What Is A Will?
Table of Contents
- 1 What Is A Will?
- 2 The Structure of a Will
- 3 Questions About A Will, Probate or An Estate?
A will is a document that describes a decedent’s final wishes. It is a legal document that describes how assets will be managed and distributed after death. It also names guardians for minor children and any needed special needs trusts. It is also referred to as a testament.
The Structure of a Will
The will is a fairly standard document in the sense that it has certain standard paragraphs in it. Some wills are more robust than others. Some wills include sections relating to closely held business, tax saving strategies and special needs trusts.
Whatever the specifics of the will, each has the following types of paragraphs:
Revocation of Prior Wills
This is the first paragraph of most wills. It is a revocation of prior wills. It says that I revoke all prior documents that were signed. It is critically important that this si the most current.y written will that has been drafted. It is critically important.
Don’t be surprised if your lawyer asks you if this is the most current will or if you did a diligent search. You will also be asked if there have been any trusts that have been drafted separate and apart from the will. A trust could be a document that has testamentary powers that have a binding statement of what happens to one’s property separate and apart from the will.
The will talks about family members so you know who are the beneficiaries in the decedent’s words to understand the family situation.
Paying Debts and Expenses: The will can be silent on paying debts and expenses. When the will is silent there is usually state statuary law that controls these various topics. If the will says it should pass according to the terms of this will subject to a mortgage, you expect this to be in the paying of debts section. If this language in not in the will then you have to look to state law. If you are silent on the issue then the state will often decide.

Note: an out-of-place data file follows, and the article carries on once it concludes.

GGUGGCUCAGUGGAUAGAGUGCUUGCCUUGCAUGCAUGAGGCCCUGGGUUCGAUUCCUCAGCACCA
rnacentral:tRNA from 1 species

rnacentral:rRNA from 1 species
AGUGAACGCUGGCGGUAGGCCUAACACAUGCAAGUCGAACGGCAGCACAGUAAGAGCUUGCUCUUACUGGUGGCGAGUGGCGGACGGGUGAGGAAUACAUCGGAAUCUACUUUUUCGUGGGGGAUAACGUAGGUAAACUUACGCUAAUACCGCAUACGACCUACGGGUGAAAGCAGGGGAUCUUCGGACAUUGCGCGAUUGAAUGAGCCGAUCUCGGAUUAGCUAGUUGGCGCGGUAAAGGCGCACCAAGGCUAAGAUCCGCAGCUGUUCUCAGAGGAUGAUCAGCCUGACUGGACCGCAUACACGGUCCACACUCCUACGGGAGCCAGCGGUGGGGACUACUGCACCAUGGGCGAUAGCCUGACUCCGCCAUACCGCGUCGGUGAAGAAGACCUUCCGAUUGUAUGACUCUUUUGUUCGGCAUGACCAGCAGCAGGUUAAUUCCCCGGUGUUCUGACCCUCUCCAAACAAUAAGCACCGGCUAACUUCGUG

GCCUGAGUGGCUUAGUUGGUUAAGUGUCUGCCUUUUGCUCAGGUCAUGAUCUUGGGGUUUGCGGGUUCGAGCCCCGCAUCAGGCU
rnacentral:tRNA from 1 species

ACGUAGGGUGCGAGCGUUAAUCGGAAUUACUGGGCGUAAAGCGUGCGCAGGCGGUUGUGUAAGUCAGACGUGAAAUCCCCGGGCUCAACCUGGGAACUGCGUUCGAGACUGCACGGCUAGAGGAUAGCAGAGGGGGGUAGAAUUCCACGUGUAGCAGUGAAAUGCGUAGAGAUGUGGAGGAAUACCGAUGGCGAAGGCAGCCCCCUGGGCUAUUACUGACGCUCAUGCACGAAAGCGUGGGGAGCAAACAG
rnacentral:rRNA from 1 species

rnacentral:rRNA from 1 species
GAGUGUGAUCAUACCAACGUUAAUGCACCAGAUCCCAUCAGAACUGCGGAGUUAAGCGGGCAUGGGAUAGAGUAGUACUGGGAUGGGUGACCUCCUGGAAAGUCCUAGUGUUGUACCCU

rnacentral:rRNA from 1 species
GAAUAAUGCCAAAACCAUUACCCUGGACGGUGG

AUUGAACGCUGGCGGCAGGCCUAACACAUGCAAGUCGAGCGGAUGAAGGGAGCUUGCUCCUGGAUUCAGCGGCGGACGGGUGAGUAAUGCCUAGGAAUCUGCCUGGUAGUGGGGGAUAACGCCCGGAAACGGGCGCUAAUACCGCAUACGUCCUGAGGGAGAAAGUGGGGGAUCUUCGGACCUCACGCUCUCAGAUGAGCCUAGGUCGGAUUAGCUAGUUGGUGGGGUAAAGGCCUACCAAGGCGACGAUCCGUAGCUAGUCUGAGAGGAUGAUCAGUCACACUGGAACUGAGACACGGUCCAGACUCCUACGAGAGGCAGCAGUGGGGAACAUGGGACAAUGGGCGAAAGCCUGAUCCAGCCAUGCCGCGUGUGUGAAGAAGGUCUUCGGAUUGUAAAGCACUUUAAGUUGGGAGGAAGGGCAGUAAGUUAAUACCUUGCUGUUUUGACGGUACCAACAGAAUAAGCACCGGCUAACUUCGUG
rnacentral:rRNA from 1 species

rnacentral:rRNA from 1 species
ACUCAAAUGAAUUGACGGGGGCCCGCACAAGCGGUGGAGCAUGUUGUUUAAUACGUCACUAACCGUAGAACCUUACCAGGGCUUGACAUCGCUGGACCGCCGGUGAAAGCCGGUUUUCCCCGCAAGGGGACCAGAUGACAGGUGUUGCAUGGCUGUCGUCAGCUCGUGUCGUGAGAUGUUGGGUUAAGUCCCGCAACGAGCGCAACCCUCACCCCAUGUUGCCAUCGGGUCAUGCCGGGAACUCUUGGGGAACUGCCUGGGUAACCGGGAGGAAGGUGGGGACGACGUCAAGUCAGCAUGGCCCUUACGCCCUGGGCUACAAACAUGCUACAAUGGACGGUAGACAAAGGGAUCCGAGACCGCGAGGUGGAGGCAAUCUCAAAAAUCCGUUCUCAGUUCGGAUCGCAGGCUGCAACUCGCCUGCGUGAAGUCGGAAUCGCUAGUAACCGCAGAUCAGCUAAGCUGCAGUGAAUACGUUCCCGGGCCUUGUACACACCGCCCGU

Tangible Personal Property
Tangible personal property is things that you can touch and feel like jewelry or furniture. It will specifically state what items will go to which beneficiary. States have provisions for how this is detailed and managed. Most major disagreements are regarding the distribution of I tangible personal property. A good idea is to have a provision in the will that allows the executor to decide any disagreements.
The Residuary Disposition
This is the section of the will that says that everything else after paying off debts and personal property goes like this. It says I give my residuary estate to the following beneficiaries. In this section is where it is noted if any part of the will is to be managed by a trustee. It also states what happens if a beneficiary predeceases the descendant. for example, it might say that if the beneficiary is no longer alive, it could go to their children. Others may decide that it goes to the remaining siblings.
Powers the Executor has in Winding up the Affairs of the Decedent
This section would have provisions that inform the executor how they need to act in regards to assets and the beneficiaries.
The appointments section of the will describes who is the executor and who is the alternate. There may also be a chain of people who act as trustees.
Payment of Taxes
The will concludes with the section on payment of taxes. Wills generally must have a provision on where taxes are paid from. If you don’t state it, it means that you must act according to the laws where the state is being executed.
The will must be signed in the decedent’s hand and must be witnessed. You also need a self-proving affidavit that signed by the witnesses that indicate that the decedent signed they were of sound mind at that time indicating that it is a valid will. The self-proving affidavit allows the courts to know that you should presume that the will is valid.
Questions About A Will, Probate or An Estate?
The probate, wills, and estates legal team at Gartenberg Howard is here to assist any Executor or family member with estate planning, wills or the probate process. Just give us a call at (201) 488-4644 or contact us using the form below.